Co-founder of famed casual developer says the sector must evolve its relationship with consumers for true ubiquityJohn Vechey, the co-founder of PopCap Games, yesterday delivered a searing criticism of the industry his company helped define, saying the casual games sector was not doing enough to grow its potential audience.
In his keynote address as the Casual Connect Europe West conference yesterday, he said that after the introduction of computer and arcade games in the late '70s - many of which are these days deemed as casual in style - the rise of hardcore games immediately alienated 80 per cent of the games audience.
"The biggest problem we have as an industry is the people that don't play games," he said, pointing out that many non-gamers' reaction to games is 'Oh, I can't play this', as modern games have demanded skill from players, making them hugely discriminating.
"It's easy for our industry to forget that people think they cannot play games," he said, pointing out that PopCap research shows that only 10 per cent of 'casual gamers' actually refer to themselves as gamers. That's despite the fact many of them spend an hour a day playing Bejewelled.
The reasons for this barrier between the casual games sector and its potential audience, and the problems it creates, Vechey said, were were numerous, pointing out that bad marketing, portal apathy and the Americanisation of casual games as pitfalls.
Although his company has seen 70 per cent year on year growth from 2001 to 2007, Vechey said the industry over all was "not really reaching out to the people. We're not going to where the customers are."
He said bigger portals such as Yahoo, probably don't care about the issue, because "I doubt they think about the games business so much", despite their massive audiences. "The industry simply isn't doing a good job of finding new customers and talking to them.
"There is no effective marketing," he added. "Right now as an industry it is really hard to market a game." Search engines, Vechey said, don't really aid audience growth either, simply shuffling the same customer base from site to site: "It's not increasing the size of the audience."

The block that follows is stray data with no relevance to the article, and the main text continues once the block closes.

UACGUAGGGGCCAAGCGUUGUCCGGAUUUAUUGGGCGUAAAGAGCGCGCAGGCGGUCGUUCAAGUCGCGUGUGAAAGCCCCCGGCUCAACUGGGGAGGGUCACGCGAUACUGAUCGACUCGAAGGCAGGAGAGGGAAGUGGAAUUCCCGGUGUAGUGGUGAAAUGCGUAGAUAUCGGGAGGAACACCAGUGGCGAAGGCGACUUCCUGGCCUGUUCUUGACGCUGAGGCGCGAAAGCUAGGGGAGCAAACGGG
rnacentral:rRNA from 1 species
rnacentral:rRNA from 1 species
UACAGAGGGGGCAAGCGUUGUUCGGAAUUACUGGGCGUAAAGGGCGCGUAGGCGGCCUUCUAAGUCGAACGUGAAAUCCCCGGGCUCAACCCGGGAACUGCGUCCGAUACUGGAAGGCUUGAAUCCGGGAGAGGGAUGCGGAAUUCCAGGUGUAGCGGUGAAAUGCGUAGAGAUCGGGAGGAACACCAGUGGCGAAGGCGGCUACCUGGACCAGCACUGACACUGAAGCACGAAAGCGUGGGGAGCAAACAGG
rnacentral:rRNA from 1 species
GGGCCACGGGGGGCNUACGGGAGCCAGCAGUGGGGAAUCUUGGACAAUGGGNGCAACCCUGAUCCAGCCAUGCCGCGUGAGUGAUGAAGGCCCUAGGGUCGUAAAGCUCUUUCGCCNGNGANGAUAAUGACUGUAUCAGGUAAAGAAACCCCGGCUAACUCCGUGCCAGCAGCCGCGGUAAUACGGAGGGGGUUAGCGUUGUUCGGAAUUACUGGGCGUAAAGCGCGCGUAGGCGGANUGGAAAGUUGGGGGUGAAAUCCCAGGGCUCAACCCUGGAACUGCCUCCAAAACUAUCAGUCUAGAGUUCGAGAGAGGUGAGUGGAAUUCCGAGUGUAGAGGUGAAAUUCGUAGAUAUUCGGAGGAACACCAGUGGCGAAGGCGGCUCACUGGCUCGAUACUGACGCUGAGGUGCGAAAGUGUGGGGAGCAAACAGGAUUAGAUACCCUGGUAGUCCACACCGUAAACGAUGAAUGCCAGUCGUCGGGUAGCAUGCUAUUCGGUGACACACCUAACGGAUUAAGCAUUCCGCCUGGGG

Globally, the Americanisation of casual games (he said 50 per cent of the games in the market were US-made, the other half from around the world), creates an exclusivity of audience.
Plus, the trial and buy business model was only creating a one way street from customer to developer, he said. "We're letting them figure out on their own what to buy - we're not thinking 'hey we've got a great product, let's sell this'." Instead, he said developers were too quick to just put their title up on a portal and hope it sells or generates revenue.
In fact, Vechey added, the casual games sector could fall into the "pitfalls of the hardcore gaming industry" by ultimately only focusing "on our target market": "But we forget we're just as appealing to soccer moms as we are to college students. There are few industries out there that do appeal to everyone, yet casual games are very lucky because we do have that.
"Currently we [in the casual games industry] see casual games as a separate channel in games - but we're not just a downloadable biz. We're also a console biz, and a mobile biz."
Ultimately casual games firms should exploit the fact, he said, in order to achieve true massmarket status and ubiquity: "We need to figure out as an industry how a portal partner can support our titles. We need to think as an industry as a whole about putting all his stuff together. We need to evolve the casual games space - developers and business people should work together to make it happen."